Friday, 9 June 2017

Reasons to Have Your Condo Inspected Before the Closing

To some condo-buyers, a condo inspection seems somewhat redundant, as the building is mostly owned collectively and the only part to inspect, they think, is the paint and the furniture. However, as millions of leaky condo owners found out the hard way, a condo inspection is simply a diligent and prudent outlay of funds before you get into real financial trouble with a broken and un-sellable condo.

While a condo-inspector will not always look at the whole building, he will evaluate all the conditions that will directly affect living conditions within the unit. His main objective is to protect the buyer from any foreseeable problems your average-Joe might not catch. Also, to hire a private inspector is to protect you from the original city inspections which, as far as the wary condo-buyer is concerned, is no guarantee at all.

A condo inspection covers many of the same bases as a regular home inspection. All the electrical work is checked for functionality, including wiring, outlets, switches, and appliance hook-ups. The heating systems of a condo are very different from that of a detached home, so there are special aspects of the design that the inspector will look for. In particular, the safety of a condo heating system is not always assured and the inspector will inform you if there are any hazards that could arise from the placement of furniture.

The inspector will pay particular attention to the fixtures in the unit. In addition to the heating and electrical system, the hot water heater is of particular concern given its central function in the home. Any appliance that uses combustible fuel including gas stoves, gas dryers and gas fireplaces must be paid close attention, as even a gas appliance that may appear to be functioning can erode and leak to devastating consequences.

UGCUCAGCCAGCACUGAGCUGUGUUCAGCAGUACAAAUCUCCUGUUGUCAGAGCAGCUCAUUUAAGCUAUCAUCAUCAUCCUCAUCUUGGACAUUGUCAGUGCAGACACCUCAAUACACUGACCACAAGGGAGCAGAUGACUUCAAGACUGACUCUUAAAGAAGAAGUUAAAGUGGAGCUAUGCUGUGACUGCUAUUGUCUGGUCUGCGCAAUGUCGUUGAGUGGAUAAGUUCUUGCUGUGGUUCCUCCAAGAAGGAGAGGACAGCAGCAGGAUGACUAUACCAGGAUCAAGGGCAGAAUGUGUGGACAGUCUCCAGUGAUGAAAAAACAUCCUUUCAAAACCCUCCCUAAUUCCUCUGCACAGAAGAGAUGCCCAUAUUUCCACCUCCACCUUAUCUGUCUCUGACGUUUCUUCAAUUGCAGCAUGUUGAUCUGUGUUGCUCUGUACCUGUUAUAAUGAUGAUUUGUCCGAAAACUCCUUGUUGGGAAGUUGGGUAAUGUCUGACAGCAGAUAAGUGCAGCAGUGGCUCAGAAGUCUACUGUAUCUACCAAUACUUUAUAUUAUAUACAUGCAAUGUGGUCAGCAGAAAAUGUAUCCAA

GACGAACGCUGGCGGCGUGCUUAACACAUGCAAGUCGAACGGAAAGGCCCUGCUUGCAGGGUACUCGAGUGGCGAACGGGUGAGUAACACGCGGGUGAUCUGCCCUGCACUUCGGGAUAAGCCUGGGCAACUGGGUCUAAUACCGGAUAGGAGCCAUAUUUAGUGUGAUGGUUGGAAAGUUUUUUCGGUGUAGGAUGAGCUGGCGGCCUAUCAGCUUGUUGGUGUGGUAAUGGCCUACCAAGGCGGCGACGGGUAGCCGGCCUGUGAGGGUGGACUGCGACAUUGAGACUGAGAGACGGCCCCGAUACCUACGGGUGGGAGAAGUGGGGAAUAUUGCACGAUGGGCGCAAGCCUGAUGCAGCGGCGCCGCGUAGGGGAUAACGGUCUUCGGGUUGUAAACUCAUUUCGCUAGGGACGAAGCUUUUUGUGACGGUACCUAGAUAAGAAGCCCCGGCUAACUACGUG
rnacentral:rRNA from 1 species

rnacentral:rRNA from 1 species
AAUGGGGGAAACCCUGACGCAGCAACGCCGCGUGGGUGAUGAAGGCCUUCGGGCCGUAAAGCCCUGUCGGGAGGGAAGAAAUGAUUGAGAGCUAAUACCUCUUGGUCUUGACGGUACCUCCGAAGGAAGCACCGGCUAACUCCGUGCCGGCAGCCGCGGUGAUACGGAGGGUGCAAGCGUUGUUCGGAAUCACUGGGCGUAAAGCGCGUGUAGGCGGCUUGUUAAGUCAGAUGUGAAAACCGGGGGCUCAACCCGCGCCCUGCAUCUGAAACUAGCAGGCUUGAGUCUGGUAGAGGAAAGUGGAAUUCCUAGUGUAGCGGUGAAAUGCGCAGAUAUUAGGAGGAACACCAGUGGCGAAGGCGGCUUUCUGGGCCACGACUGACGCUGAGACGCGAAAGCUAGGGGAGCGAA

Other than safety issues, Toronto Condo Inspector will also check the simple aspects of the unit. That the doors and windows should open and close properly seems obvious, but often, a buyer will not be as thorough as he ought to, and a door that sticks or a window that doesn't open will be found weeks after possession has been taken. Also, the sealing in around wet appliances warrants careful scrutiny. A good clean or a new paint job can often hide serious problems that will cost the owner money down the road. With the real estate market being so unstable and so many new condominiums, the quality of the materials and workmanship seems to be on a decline, and often, issues like the ones mentioned are unfortunately becoming a common occurrence. It's a condo inspector's job to prevent these sorts of issues from becoming surprises.

An inspector will also look at the exterior spaces of the condo, including the roof, if it's on the top floor, the patio deck area, and the stairs if there are any. Also, many condo units have an exterior electrical and plumbing supply that needs to be checked. Please visit for more information about our full service condo inspection. 

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